As is usually the case with military coups, terrestrial TV stations and cable operators have been blocked in Thailand and replaced by the army’s Channel 5 following yesterday’s takeover.
Unsurprisingly, people in Thailand are turning to their mobiles to access the Internet for news and entertainment as a result.
Today, the country’s second biggest telecommunications company – DTAC – revealed that it saw a huge surge in mobile data usage from the hours of 4.30pm yesterday afternoon to 12 noon today.
According to DTAC, usage was 25% higher than normal.
Dtac, which has 20 million 2G subscribers and an additional 10.6 million using 3G and 4G, stated that it “is monitoring the political situation and security-related developments” after the military junta takeover.
The company also promised that it has “put in place contingency plans to cope with voice and data congestion and any other situation” during surges in usage as a result of the coup.
Earlier today, the coup leaders summoned Thailand’s Internet service providers to a meeting. That comes after yesterday’s warning that sites will be blocked if incendiary content is posted, and social media will be monitored.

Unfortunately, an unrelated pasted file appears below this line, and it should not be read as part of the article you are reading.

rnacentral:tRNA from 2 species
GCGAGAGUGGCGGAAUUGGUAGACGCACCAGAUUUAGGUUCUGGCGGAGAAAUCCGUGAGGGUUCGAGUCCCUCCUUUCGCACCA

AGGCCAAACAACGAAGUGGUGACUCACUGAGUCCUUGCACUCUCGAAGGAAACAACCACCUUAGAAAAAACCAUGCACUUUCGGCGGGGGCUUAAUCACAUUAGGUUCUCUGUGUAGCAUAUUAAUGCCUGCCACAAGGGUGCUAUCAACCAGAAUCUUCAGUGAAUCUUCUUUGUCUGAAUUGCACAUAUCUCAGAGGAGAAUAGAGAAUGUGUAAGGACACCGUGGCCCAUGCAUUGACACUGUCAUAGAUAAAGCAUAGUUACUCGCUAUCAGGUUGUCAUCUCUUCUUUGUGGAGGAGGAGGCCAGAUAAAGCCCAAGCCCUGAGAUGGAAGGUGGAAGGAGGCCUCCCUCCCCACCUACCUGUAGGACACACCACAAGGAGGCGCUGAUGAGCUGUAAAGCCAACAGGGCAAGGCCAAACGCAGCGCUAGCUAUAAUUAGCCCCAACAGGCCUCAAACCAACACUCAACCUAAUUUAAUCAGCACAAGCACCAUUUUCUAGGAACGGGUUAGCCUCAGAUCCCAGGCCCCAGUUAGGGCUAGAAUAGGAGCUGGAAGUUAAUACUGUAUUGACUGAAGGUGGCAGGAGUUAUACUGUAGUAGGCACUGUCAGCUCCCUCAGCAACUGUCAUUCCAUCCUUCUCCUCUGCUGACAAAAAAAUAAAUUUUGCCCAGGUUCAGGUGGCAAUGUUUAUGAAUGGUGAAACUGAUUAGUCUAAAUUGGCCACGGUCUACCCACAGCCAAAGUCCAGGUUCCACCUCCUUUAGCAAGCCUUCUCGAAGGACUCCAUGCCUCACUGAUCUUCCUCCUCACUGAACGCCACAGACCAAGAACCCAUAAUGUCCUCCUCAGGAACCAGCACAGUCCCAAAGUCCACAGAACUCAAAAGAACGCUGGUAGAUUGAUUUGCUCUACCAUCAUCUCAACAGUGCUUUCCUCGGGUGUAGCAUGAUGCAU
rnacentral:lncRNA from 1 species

Meanwhile, the coup has inadvertently led to an increase in selfies in the country with local residents – unperturbed by the takeover – taking pics of themselves with the military hovering in the background.
Soldiers too have been more than willing to pose for cameras, perhaps due to the fact that military takeovers have become so commonplace in the country (there have been 18 actual or attempted coups since 1932) that citizen-army interaction is now a regular occurrence.
On social media, a Thai hashtag on Twitter that roughly translates to ‘Show me a cute soldier‘ quickly grew in popularity, with locals sharing pics of those they deemed pin-up worthy.
Check out a selection of interesting selfies and images from the Thai capital, Bangkok, below.